Hardwood Lumber Sawing Options and grading rules

Sawing Options

Plain Sawn


Plain (Flat) sawn hardwood lumber is produced by making the first cut down the center of the log. The half log is mounted with the heart side flat against the flitch table of the slicer. The slicing is done parallel to a line through the center of the log. Plain sawn lumber is the most common and widely used method of sawing it offers a distinct cathedral effect to the grain on the face of the boards.

Benefits of Plain Sawing :

  • Faster to produce.
  • More affordable.
  • Displays varied grain patterns & the unique “cathedral” appearance.
  • Readily available.

Rift Sawn


This linear grain pattern is achieved by milling perpendicular to log’s growth rings. The log is milled on an angle between 45° to 75°. Rift sawn lumber is dimensionally superior to both plain sawn and quarter sawn lumber. However, it also produces the most waste, which will cost more per board foot than either quarter sawn and plain sawn lumber.

Benefits of Rift Sawing :

  • Ideal for custom furniture makers to use for table, chair, and other straight pieces.
  • The most dimensionally stable cut of lumber available.
  • Unique, linear appearance on both sides of the lumber planks.



To mill quarter sawn wood, each log is sawed at a radial angle into four quarters. Then each quarter is plain sawn. This produces a straight, linear grain pattern. This method of quarter sawing does leave some waste, but much less than rift sawn lumber.

Benefits of Quarter Sawing :

  • Reduces shrinking and swelling in hardwood lumber width.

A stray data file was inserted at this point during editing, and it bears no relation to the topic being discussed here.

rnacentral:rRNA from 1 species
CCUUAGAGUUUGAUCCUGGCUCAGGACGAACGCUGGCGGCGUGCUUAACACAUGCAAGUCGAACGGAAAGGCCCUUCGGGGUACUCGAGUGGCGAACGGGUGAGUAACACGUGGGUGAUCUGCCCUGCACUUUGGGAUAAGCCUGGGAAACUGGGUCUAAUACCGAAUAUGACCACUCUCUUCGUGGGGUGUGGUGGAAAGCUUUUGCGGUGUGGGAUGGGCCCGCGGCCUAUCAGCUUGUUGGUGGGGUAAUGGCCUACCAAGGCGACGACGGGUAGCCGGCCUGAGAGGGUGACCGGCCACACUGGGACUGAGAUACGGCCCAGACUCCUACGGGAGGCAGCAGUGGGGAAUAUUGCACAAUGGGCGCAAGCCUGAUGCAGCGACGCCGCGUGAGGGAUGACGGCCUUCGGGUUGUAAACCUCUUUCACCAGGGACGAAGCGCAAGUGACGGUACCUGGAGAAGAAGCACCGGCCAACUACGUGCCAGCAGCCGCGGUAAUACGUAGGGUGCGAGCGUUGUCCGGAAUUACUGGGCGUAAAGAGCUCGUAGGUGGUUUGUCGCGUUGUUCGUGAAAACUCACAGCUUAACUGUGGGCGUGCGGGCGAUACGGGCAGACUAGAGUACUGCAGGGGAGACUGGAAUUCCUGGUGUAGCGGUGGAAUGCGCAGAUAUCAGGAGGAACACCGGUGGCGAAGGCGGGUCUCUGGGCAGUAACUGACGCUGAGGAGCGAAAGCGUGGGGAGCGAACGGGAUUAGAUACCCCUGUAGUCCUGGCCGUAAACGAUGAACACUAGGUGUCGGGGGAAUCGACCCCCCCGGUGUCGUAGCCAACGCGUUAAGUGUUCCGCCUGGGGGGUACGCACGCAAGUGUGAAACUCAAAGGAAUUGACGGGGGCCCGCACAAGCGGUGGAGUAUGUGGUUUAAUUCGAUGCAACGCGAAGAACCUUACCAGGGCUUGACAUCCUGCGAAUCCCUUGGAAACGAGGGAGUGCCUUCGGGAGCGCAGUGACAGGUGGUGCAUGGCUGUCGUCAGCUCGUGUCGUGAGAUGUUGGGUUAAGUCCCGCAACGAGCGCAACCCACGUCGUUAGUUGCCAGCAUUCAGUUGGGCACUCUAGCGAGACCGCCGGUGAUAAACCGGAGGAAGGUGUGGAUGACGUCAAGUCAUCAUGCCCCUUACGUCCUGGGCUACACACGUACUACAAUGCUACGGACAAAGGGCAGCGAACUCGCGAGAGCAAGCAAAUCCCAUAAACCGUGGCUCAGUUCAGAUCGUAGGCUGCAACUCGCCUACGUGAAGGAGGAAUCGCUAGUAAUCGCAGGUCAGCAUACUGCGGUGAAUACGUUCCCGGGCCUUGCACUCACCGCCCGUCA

• Reduces twisting, warping and cupping.
  • Is less prone to surface checking.
  • More resistant to moisture penetration
  • Has a smooth surface as raised grain is not pronounced.
  • Ribbon aka “fleck” patterns

Live Sawn


Live sawn lumber is lumber sawn straight through the log from top to bottom.  It is characterized by having rift or quartersawn board edges that merge into a flat sawn center.  It is often sold unedged. Live sawn is also called “French Cut” where the boards have a return to cathedral grain that runs down the center two-thirds of the board.

Grading Options

Basic Yield for FAS

FAS (Firsts and Seconds) – The FAS grade will provide the user with long, wide, clear cuttings. Best suited for high quality furniture, interior trim, millwork, and solid wood mouldings. The FAS grade includes a range of boards which yield from 83.1/3% (10/12ths) to 100% clear wood in cuttings at least 3″ wide by 7′ long or 4″ wide by 5′ long.

FAS1F or Selects

In FAS1F (“FASoneFace”) and Selects, the grade is established using both faces of the board. The best face must meet the requirements for FAS, and the reverse side must essentially grade No. 1. FAS1F and Selects are virtually the same grade, except for minimum width and length. The minimum board size for Selects is 4″ x 6′; and for FAS1F it is 6″ x 8′

Basic Yield for No. 1 Grade

Will provide the user with clear cuttings of medium length and width. Best suited for furniture, cabinets, and a multitude of solid wood manufactured products. The No. 1 grade includes a range of boards which will yield from 66 2/3% (8/12ths) to 83 1/3% (10/12ths) clear wood in cuttings at least 3″ wide by 3′ long or 4″ by 2′.

Basic Yield for No. 2A Grade

Will provide the user with short, narrow clear cuttings economically priced, for use in unexposed furniture frames, picture frames, cabinet rails and frames, parquet or strip flooring, and many other smaller solid wood components. The No. 2A grade includes a range of boards which will yield from 50% (6/12ths) to 66 2/3% (8/12ths) clear wood in cuttings at least 3″ wide by 2′ long.

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